Medical Tourism Takes Shape in Vietnam

Vietnam, medical tourism

Not only is Vietnam attractive for its beaches, architecture, history and splendid landscapes. Increasingly, tourists are also coming to the country for medical purposes, particularly for dental and cosmetic surgery according to the Government.

According to Vietnamese officials, some 80,000 foreign travellers came in 2018 for medical purposes, with dental and cosmetic surgery being the top purposes. Affordable healthcare and relatively high medical quality are driving the trend as medical care in Vietnam remains far more affordable than in Singapore, Thailand and Taiwan. “I do see a trend of people coming here. It is cheaper to get things done here than it is in Thailand and definitely Singapore,” said Mike Lynch, managing director with SSI Institutional Brokerage in Ho Chi Minh City to radio station Voice of America. “The biggest group is cosmetic surgery. There’s a lot of it going on here,” he added.

According to surveys, Australians and Americans favour dental health care while cosmetic surgery draws South Koreans.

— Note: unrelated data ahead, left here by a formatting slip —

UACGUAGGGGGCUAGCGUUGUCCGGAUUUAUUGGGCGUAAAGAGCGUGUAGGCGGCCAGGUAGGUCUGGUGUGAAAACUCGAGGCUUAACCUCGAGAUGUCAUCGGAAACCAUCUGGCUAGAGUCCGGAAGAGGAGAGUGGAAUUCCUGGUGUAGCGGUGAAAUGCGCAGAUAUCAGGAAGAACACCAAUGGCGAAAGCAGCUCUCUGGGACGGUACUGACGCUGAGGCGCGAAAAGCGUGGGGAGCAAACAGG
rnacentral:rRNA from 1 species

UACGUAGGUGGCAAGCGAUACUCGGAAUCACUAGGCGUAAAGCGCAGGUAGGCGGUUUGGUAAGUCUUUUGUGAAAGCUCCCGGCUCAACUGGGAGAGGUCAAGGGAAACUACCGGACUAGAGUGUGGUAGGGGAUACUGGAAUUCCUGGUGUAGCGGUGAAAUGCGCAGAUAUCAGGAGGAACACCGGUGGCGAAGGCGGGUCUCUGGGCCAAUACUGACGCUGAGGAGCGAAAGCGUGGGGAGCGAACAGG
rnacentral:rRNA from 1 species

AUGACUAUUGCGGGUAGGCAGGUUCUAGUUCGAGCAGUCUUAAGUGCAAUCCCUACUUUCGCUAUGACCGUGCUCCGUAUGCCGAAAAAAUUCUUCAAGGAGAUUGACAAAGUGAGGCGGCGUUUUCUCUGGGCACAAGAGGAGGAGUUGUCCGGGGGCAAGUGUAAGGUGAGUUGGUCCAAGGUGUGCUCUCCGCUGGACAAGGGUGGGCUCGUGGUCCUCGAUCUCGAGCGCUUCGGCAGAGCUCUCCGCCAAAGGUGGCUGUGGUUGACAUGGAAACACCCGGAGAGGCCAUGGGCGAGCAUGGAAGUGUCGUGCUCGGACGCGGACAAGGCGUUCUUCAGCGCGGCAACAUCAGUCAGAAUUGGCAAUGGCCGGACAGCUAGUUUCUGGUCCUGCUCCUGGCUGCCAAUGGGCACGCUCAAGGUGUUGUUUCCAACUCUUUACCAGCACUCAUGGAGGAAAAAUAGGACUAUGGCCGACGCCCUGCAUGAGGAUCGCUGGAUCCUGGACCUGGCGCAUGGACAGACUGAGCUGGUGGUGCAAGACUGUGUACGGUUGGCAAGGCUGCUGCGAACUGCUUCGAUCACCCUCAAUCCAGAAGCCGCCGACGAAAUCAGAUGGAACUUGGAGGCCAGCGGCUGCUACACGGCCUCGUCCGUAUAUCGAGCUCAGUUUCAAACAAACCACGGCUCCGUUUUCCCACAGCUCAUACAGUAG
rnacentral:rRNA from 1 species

More than 80,000 foreigners have travelled to Vietnam so far for medical “examinations and treatments” the government-run Vietnam Investment Review news website says, and they contributed combined income of more than $1 billion. The country’s medical sector grows 18% to 20% per cent every year, according to the Vietnam Investment Review. However, some consulting firms put already the financial benefits of medical tourism at over US$2 billion.

Medical tourism generates at least one-third of private hospital revenue in most Southeast Asian countries, and the Asia Pacific was the world’s biggest medical tourism market as of 2017, Zion Market Research has found.

To fully set medical tourism as a strong feature of Vietnam tourism, the government must now set up very strict rules regarding medical practices while listing all the medical units (hospitals and clinics) qualified for the handling of international guests. A list of destinations must also be set up but resort areas such as Nha Trang, Danang and Phu Quoc are seen as ideal to handle medical tourists thanks to their infrastructure and hotel facilities. In order to maintain foreign patients’ interest, it is important for all hospitals to invest in better infrastructure and skilled human resources.

The government will also need to address inefficient mechanism to collect international insurance payments as it discourages people from returning for further checks after having surgeries done in the country.